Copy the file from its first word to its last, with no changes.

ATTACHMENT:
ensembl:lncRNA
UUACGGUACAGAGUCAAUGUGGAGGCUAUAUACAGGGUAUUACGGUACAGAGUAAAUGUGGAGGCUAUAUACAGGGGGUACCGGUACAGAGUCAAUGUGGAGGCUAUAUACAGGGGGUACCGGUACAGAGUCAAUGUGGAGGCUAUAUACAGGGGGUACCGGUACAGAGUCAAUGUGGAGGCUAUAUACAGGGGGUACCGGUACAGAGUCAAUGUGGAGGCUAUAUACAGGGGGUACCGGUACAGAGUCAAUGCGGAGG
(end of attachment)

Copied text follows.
ensembl:lncRNA
UUACGGUACAGAGUCAAUGUGGAGGCUAUAUACAGGGUAUUACGGUACAGAGUAAAUGUGGAGGCUAUAUACAGGGGGUACCGGUACAGAGUCAAUGUGGAGGCUAUAUACAGGGGGUACCGGUACAGAGUCAAUGUGGAGGCUAUAUACAGGGGGUACCGGUACAGAGUCAAUGUGGAGGCUAUAUACAGGGGGUACCGGUACAGAGUCAAUGUGGAGGCUAUAUACAGGGGGUACCGGUACAGAGUCAAUGCGGAGG